SLR - September 2010 - Brant L. McCartan

One-step Bone Marrow-derived Cell Transplantation in Talar Osteochondral Lesions

Reference:  Giannini, G., Buda, R., Vannini, F., Cavallo, M., Brigolo, B.  One-step Bone Marrow-derived Cell Transplantation in Talar Osteochondral Lesions.  Clinical Orthopaedics and Related Research, (Dec 2009) 467:3307-3320

Scientific Literature Reviews

Reviewed by:  Brant L. McCartan, DPM, MBA, MS
Residency Program: Beth Israel Deaconess Medical Center/Harvard Medical School

Podiatric Relevance:
Ankle sprains are common injuries seen in the podiatric practice, and osteochondral lesions are frequently associated with ankle sprains.  Although osteochondral grafting and autologous chondrocyte implantation have shown some hyaline cartilage repair, there is no current standard treatment of choice for osteochondral lesions.  Many surgeons currently employ ankle arthroscopy as part of their treatment arsenal.  This article examines bone marrow-derived cell transplantation for the treatment of osteochondral lesions, and also compares it to autologous chondrocyte implantation via ankle arthroscopy.   

A prospective clinical study was performed on 48 patients with Type II osteochondral lesions of the talar dome (39 were located medially and 9 were located laterally).  The minimum follow-up was 24 months.  Eight patients were previously treated with microfractures, five with arthroscopic debridement, and two with autologous chondrocyte implantation unsucessfully.  AOFAS score, AP & Lateral WB standard radiographic examination and MRI were performed preoperatively and postoperatively.  23 patients received a collagen powder scaffold, and 25 received the hyaluronic acid membrane.  There was no difference between the two scaffolds in a preclinical examination as well as postoperative examination.  Bone marrow was derived from the posterior iliac crest until 60 mL was collected.  6 mL of cell concentrate was derived by adding platelet-poor plasma to the monomuclear cells obtained from the bone marrow (post centrifuge).  After ankle arthroscopy, the lesion was prepared until healthy bone was visible.  The composite paste was prepared with 1 g of powder scaffold (or a cut-out of the hyaluronic acid membrane), 2 mL bone marrow concentrate and 1 mL of platelet-rich fibrin gel.  After implantation, a layer of platelet-rich fibrin gel was spread over to hold the implant in place.  Proper postoperatve protocol was used.  Patients had 6, 12, 18 and 24 month follow-up appointments with standard radiographic examination.  Five patients underwent second-look arthroscopy to examine the degree of defect repair, graft integration and gross appearance.  Biopsy specimens were taken tangentially for histologic and immunohistologic analysis.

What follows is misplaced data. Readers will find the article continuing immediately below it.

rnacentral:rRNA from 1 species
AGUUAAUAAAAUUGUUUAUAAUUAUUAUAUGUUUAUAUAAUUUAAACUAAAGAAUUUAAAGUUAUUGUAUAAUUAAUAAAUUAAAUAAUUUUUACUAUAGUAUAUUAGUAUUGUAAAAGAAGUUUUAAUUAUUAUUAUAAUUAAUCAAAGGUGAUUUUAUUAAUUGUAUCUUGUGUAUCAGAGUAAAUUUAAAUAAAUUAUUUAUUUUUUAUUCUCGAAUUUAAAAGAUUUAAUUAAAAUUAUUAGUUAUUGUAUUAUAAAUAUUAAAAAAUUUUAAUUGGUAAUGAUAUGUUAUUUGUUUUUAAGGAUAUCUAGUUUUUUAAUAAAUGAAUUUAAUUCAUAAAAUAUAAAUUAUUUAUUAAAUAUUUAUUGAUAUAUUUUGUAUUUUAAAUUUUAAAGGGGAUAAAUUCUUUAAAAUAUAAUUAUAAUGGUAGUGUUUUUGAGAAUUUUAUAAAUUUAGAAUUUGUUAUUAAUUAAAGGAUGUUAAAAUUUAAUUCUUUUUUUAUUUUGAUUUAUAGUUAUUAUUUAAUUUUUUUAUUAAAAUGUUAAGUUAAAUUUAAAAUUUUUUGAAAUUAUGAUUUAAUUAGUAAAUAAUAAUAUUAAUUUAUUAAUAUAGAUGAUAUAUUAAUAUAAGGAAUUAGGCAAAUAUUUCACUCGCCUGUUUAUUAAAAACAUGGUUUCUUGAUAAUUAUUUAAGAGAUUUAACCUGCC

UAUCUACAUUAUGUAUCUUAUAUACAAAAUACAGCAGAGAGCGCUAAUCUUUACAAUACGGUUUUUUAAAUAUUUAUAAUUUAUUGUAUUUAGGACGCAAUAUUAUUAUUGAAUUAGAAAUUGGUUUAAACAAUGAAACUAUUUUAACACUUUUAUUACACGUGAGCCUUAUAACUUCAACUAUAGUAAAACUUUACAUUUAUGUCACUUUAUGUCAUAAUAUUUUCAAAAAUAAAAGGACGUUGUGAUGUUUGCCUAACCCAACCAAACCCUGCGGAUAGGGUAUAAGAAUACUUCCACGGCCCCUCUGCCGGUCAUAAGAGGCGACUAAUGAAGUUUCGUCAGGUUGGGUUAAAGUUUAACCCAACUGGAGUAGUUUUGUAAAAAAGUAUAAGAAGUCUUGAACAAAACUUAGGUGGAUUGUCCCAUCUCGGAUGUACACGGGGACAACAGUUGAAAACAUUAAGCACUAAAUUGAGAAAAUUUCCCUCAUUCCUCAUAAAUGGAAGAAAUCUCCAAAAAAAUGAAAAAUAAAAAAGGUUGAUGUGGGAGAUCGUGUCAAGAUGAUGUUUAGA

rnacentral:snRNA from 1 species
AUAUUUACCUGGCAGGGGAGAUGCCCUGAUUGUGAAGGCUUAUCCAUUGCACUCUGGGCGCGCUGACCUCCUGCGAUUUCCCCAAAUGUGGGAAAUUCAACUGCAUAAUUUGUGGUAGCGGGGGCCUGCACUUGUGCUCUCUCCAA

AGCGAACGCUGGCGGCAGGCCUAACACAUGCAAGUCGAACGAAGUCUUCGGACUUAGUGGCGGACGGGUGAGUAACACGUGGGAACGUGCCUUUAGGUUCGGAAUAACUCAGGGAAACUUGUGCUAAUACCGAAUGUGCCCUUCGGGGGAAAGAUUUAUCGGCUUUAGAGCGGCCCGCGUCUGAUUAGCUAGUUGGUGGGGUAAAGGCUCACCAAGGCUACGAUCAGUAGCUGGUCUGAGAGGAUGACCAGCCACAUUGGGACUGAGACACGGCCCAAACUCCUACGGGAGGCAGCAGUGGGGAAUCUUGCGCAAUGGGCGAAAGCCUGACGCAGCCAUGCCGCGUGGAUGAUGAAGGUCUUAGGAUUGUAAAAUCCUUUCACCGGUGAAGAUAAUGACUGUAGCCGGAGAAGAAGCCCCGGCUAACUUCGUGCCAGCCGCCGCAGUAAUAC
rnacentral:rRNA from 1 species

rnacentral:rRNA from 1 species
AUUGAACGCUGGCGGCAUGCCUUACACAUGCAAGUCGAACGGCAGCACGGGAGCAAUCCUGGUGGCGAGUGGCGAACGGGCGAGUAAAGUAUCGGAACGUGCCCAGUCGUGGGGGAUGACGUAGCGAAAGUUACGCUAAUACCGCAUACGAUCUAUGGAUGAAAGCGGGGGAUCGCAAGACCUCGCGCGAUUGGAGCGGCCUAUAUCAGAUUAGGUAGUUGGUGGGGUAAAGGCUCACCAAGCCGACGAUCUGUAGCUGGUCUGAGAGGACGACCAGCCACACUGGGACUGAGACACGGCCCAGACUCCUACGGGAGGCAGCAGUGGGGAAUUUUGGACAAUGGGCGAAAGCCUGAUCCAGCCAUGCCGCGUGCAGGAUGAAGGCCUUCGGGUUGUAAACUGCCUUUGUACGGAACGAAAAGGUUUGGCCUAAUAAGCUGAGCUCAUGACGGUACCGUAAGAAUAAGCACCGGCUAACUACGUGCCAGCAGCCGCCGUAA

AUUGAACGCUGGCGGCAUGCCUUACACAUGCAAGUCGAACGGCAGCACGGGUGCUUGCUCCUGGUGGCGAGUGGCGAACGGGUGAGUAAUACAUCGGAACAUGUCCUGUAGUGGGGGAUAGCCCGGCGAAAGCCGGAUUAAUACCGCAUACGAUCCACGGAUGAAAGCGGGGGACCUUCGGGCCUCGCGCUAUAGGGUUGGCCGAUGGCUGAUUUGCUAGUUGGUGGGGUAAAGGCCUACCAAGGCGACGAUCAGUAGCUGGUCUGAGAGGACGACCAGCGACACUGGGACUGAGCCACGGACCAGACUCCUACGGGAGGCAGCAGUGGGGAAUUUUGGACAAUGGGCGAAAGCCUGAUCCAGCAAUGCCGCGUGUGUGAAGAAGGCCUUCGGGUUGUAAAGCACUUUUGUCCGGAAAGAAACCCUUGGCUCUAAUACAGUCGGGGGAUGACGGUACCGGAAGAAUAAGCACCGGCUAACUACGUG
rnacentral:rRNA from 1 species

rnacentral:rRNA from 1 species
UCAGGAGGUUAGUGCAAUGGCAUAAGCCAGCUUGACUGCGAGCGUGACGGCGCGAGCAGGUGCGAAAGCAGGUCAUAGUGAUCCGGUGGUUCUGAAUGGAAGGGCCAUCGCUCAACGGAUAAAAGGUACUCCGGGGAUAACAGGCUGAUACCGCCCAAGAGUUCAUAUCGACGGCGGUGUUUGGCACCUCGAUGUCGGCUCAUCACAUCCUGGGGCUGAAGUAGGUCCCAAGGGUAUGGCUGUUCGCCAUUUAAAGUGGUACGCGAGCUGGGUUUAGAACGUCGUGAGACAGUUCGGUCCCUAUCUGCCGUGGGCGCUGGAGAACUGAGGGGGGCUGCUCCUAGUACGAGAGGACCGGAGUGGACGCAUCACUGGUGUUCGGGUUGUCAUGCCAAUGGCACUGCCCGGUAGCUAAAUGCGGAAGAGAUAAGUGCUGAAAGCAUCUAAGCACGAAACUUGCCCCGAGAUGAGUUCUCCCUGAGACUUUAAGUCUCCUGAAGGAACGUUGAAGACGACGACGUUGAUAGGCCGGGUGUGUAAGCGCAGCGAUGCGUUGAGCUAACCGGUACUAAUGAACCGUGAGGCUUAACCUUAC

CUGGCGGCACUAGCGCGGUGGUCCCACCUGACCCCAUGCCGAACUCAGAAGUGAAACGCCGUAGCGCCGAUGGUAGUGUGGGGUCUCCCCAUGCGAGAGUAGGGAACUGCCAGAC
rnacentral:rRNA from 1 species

Chondrogenic and osteogenic differentiation was seen from the bone marrow-derived cells.  There was no intraoperative complications, and postoperatively, there was one patient with a superficial infection of an arthroscopic portal that resolved with oral antibiotics.  Mean AOFAS scores improved from 64.4 +/- 14.5 to 91.4 +/- 7.7 at 24 months.  MRI showed newly formed tissue at the lesion site in all patients at 24 months.  Collagen Type I was seen in the middle of the specimen, and collagen Type II was seen throughout the entire thickness of the cartilage. 

 The use of bone marrow-derived cells appears to be a suitable method to treat osteochondral lesions.  This treatment showed similar AOFAS scores to other techniques (OATS, Open and Arthroscopic Autologous Chondrocyte Implantation).  The one step approach, along with chondrogenic and osteogenic differentiation may make it superior to other treatments, namely the two step autologous chondrocyte implantation.   

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